Jennifer comes back from the photocopier and I attempt to catch her eye, wanting to exchange some eyebrow raising or perhaps a bemused expression regarding the recent drama. She returns to her desk without meeting my gaze though, prompting my neighbour to prod me in the ribs. I turn and am met with a knowing smirk.


“Tidy, eh?”


“Jennifer. I would.”


I know what he means, of course.

“You know. Shag her.”


“So I saw you checking her out.”

“I wasn’t looking at her, Dave.”

Now I’m doing it.

“Yeah you were. You couldn’t take your eyes off her.”

“I was... trying to catch her eye.”

“Yeah, right…”

I say nothing. Like most people David Price thinks he knows far more about me than he actually does.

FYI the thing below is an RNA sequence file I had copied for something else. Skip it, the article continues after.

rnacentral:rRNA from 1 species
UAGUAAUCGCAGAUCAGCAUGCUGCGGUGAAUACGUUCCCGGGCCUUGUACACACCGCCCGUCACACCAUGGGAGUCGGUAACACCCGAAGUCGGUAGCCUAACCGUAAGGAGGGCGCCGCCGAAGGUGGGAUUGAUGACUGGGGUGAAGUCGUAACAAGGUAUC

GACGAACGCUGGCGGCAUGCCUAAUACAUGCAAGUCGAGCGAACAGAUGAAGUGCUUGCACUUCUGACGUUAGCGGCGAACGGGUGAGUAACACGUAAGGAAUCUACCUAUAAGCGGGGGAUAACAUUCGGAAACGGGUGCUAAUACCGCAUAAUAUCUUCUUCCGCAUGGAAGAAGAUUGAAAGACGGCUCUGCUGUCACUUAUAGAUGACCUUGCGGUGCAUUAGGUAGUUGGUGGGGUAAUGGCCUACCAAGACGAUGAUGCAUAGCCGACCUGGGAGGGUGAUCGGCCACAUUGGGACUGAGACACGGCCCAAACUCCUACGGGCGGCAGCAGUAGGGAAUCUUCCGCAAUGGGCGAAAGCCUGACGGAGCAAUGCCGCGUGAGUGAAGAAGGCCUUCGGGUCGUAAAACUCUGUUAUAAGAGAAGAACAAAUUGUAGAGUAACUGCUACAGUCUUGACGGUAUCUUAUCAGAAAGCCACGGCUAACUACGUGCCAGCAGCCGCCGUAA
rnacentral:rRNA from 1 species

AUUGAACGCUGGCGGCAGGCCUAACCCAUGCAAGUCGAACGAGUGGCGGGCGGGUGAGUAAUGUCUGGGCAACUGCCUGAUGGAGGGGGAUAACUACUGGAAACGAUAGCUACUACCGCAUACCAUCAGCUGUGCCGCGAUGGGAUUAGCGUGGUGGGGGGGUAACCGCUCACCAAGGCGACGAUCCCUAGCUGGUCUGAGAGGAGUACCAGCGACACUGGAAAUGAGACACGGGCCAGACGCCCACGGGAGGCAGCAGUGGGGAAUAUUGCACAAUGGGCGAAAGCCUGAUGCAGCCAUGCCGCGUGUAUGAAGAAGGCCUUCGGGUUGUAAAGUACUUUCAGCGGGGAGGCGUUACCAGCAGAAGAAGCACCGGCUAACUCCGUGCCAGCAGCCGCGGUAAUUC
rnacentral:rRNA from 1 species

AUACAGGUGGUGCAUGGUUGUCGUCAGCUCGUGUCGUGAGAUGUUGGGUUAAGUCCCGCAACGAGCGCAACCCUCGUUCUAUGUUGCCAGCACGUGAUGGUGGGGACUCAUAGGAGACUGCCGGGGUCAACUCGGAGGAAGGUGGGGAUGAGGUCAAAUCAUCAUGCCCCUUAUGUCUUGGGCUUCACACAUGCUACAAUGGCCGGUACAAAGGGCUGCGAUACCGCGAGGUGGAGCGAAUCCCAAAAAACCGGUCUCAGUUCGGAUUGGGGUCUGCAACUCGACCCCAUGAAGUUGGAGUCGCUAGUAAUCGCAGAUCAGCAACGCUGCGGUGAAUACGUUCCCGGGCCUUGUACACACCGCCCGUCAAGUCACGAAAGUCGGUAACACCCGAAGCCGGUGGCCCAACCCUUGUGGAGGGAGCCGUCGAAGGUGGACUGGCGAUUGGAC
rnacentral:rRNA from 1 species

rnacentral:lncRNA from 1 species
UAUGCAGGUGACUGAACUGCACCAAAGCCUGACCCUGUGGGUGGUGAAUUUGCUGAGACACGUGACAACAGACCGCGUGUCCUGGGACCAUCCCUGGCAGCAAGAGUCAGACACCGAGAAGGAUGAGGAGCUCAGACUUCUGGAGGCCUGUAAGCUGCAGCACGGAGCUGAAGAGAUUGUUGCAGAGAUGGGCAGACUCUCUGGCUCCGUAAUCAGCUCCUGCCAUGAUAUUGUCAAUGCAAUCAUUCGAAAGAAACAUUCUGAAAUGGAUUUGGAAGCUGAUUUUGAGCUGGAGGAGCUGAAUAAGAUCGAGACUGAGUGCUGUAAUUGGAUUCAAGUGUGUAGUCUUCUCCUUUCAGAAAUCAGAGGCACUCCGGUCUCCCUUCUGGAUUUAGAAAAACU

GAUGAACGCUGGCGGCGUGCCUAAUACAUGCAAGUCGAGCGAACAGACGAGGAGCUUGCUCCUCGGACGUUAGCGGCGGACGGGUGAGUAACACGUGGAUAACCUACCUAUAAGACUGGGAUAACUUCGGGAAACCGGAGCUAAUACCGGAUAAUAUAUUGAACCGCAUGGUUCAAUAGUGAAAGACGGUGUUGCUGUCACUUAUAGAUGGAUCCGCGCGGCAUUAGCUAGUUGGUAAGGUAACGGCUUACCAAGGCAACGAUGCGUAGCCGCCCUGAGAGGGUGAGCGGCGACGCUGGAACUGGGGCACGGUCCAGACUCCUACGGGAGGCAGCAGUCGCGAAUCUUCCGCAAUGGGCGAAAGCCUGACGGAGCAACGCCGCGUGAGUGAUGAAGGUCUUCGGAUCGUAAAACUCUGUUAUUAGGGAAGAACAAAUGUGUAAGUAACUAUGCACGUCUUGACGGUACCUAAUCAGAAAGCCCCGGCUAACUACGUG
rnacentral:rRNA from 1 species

I picture him walking home alone, probably slightly drunk. He heads down an alleyway and is followed in by three sinister looking men, he turns and sees them, a look of terror crossing his face before the first fist crashes into it. They’re beating him now, working him over with bats on the floor, dull thudding noises and Dave’s moans of pain (he doesn’t have the breath to scream) echoing around the alley. He’s pulled upright and pushed against a wall, a knife comes out. He’s clearly going to be killed, (they’re probably after his expensive new palm pilot, if only he’d been a little more discreet in his use of it). Suddenly I am there, scattering the thugs with a sweeping kick I learnt at Judo class when I was 14. A few rabbit punches later two of them are on the floor and the third one’s running. I don’t go after him, but help Dave to his feet instead. He looks at me with a mixture of disbelief and gratitude. I respond to his garbled thanks with a curt nod and stride off out of the alley, leaving him staring after me in puzzlement.